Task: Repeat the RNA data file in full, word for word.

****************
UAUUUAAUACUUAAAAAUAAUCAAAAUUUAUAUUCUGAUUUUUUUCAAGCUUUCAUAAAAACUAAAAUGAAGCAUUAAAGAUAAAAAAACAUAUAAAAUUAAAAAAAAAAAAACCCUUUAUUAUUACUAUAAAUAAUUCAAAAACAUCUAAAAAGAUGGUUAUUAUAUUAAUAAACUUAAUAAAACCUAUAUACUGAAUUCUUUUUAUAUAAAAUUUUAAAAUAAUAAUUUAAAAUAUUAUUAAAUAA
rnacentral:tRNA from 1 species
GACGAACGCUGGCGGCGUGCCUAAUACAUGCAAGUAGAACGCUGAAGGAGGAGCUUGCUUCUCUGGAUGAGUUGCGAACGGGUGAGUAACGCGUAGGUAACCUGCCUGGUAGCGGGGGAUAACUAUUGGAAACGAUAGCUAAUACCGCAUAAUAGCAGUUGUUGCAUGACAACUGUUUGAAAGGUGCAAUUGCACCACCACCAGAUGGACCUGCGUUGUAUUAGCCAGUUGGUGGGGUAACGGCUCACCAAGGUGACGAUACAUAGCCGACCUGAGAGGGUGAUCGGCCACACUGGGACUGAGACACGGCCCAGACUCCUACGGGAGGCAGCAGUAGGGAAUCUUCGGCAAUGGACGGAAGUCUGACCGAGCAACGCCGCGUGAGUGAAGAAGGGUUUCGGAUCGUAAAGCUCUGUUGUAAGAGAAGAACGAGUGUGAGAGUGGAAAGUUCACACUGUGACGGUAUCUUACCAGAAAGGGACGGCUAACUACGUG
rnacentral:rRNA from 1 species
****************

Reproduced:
UAUUUAAUACUUAAAAAUAAUCAAAAUUUAUAUUCUGAUUUUUUUCAAGCUUUCAUAAAAACUAAAAUGAAGCAUUAAAGAUAAAAAAACAUAUAAAAUUAAAAAAAAAAAAACCCUUUAUUAUUACUAUAAAUAAUUCAAAAACAUCUAAAAAGAUGGUUAUUAUAUUAAUAAACUUAAUAAAACCUAUAUACUGAAUUCUUUUUAUAUAAAAUUUUAAAAUAAUAAUUUAAAAUAUUAUUAAAUAA
rnacentral:tRNA from 1 species
GACGAACGCUGGCGGCGUGCCUAAUACAUGCAAGUAGAACGCUGAAGGAGGAGCUUGCUUCUCUGGAUGAGUUGCGAACGGGUGAGUAACGCGUAGGUAACCUGCCUGGUAGCGGGGGAUAACUAUUGGAAACGAUAGCUAAUACCGCAUAAUAGCAGUUGUUGCAUGACAACUGUUUGAAAGGUGCAAUUGCACCACCACCAGAUGGACCUGCGUUGUAUUAGCCAGUUGGUGGGGUAACGGCUCACCAAGGUGACGAUACAUAGCCGACCUGAGAGGGUGAUCGGCCACACUGGGACUGAGACACGGCCCAGACUCCUACGGGAGGCAGCAGUAGGGAAUCUUCGGCAAUGGACGGAAGUCUGACCGAGCAACGCCGCGUGAGUGAAGAAGGGUUUCGGAUCGUAAAGCUCUGUUGUAAGAGAAGAACGAGUGUGAGAGUGGAAAGUUCACACUGUGACGGUAUCUUACCAGAAAGGGACGGCUAACUACGUG
rnacentral:rRNA from 1 species